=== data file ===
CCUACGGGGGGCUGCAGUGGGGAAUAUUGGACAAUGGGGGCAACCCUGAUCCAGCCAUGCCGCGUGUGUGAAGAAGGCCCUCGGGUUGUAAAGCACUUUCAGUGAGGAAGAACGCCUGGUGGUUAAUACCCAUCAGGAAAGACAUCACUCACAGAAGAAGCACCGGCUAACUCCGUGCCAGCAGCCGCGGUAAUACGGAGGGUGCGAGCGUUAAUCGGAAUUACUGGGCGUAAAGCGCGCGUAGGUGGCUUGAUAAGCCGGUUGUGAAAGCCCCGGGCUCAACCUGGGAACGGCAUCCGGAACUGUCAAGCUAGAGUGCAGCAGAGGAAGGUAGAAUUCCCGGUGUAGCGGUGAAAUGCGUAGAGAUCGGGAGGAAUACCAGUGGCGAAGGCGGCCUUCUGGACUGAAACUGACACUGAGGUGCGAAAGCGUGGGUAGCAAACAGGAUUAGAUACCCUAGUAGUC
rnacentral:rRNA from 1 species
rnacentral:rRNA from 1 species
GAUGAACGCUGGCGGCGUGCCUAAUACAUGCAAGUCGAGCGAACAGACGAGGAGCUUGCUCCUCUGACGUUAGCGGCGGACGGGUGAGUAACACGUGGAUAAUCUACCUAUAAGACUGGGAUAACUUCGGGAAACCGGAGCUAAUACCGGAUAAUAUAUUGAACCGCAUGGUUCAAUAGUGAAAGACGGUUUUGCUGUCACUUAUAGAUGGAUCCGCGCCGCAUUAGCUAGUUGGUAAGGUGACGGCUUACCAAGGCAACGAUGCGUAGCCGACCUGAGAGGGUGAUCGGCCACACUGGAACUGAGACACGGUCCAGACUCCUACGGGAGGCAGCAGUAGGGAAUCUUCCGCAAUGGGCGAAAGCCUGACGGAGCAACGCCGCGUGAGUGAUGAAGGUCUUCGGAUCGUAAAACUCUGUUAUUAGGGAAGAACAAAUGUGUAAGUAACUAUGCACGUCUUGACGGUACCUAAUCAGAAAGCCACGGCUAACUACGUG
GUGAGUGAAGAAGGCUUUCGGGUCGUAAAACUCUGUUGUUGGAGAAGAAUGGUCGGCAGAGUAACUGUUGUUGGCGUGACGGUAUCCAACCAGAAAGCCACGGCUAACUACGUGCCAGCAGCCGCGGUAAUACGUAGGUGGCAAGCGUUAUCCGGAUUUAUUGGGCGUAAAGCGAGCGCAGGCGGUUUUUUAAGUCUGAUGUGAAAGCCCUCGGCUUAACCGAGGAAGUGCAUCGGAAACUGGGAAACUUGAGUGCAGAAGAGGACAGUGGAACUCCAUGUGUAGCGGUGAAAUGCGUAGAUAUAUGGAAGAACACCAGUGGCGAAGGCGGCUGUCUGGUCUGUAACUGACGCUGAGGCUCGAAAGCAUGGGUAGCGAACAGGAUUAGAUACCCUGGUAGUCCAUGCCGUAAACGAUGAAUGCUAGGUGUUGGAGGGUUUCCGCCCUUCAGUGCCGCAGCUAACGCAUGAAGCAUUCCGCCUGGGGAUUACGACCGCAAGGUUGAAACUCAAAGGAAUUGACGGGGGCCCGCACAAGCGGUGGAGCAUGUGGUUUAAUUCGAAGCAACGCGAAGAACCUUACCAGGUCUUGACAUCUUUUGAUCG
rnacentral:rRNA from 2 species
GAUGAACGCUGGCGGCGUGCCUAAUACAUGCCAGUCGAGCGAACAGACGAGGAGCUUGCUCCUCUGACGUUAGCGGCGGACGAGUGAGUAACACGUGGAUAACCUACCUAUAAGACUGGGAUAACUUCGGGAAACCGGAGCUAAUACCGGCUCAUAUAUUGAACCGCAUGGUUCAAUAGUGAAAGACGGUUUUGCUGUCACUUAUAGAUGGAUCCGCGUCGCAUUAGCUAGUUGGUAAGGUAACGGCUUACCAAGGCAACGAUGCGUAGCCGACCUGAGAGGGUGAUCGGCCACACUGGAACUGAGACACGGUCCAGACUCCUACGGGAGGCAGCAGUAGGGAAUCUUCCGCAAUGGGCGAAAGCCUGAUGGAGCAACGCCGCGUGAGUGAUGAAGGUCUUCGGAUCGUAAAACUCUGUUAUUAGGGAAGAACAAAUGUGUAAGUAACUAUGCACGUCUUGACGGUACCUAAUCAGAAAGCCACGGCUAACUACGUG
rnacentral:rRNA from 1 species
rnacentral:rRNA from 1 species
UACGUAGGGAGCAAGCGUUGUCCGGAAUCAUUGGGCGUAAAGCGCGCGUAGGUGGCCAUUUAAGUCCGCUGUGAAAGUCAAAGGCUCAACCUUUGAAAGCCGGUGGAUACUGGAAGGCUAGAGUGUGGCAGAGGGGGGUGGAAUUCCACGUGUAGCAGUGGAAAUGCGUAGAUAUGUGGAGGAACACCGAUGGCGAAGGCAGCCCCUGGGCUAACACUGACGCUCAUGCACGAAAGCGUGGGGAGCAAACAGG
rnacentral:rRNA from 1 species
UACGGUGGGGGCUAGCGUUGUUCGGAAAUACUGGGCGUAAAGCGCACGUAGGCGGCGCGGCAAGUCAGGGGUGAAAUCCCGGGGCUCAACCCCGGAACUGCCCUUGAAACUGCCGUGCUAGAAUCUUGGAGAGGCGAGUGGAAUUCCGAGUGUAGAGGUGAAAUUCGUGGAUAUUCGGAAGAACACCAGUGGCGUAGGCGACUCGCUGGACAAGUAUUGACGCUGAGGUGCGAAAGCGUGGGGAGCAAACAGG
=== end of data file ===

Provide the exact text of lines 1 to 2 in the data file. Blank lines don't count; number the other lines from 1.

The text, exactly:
CCUACGGGGGGCUGCAGUGGGGAAUAUUGGACAAUGGGGGCAACCCUGAUCCAGCCAUGCCGCGUGUGUGAAGAAGGCCCUCGGGUUGUAAAGCACUUUCAGUGAGGAAGAACGCCUGGUGGUUAAUACCCAUCAGGAAAGACAUCACUCACAGAAGAAGCACCGGCUAACUCCGUGCCAGCAGCCGCGGUAAUACGGAGGGUGCGAGCGUUAAUCGGAAUUACUGGGCGUAAAGCGCGCGUAGGUGGCUUGAUAAGCCGGUUGUGAAAGCCCCGGGCUCAACCUGGGAACGGCAUCCGGAACUGUCAAGCUAGAGUGCAGCAGAGGAAGGUAGAAUUCCCGGUGUAGCGGUGAAAUGCGUAGAGAUCGGGAGGAAUACCAGUGGCGAAGGCGGCCUUCUGGACUGAAACUGACACUGAGGUGCGAAAGCGUGGGUAGCAAACAGGAUUAGAUACCCUAGUAGUC
rnacentral:rRNA from 1 species